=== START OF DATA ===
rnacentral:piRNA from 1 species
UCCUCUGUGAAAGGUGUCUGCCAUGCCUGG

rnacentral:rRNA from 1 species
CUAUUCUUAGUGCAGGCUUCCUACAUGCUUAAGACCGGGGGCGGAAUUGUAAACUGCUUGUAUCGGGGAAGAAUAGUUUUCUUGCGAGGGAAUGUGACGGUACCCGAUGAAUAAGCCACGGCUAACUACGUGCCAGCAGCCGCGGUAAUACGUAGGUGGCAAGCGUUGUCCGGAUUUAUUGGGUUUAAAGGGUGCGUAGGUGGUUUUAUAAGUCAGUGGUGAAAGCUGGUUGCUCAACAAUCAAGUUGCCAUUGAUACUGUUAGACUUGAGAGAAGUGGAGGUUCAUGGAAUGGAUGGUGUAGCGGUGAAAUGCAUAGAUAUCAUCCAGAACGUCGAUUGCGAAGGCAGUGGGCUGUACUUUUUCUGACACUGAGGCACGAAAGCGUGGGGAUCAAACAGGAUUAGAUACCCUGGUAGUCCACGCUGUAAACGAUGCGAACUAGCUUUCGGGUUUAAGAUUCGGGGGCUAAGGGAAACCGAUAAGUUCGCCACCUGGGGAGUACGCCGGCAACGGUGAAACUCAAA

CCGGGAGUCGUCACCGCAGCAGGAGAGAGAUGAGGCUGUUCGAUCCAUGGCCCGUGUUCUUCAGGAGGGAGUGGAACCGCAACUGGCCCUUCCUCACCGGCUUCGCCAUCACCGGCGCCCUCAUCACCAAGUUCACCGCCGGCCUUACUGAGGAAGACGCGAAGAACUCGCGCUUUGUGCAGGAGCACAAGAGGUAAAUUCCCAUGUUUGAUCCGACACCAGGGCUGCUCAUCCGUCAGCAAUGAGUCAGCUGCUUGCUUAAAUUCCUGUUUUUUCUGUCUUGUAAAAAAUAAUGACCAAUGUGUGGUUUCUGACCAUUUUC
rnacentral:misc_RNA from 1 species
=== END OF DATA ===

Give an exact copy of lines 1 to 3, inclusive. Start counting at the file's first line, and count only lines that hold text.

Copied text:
rnacentral:piRNA from 1 species
UCCUCUGUGAAAGGUGUCUGCCAUGCCUGG

rnacentral:rRNA from 1 species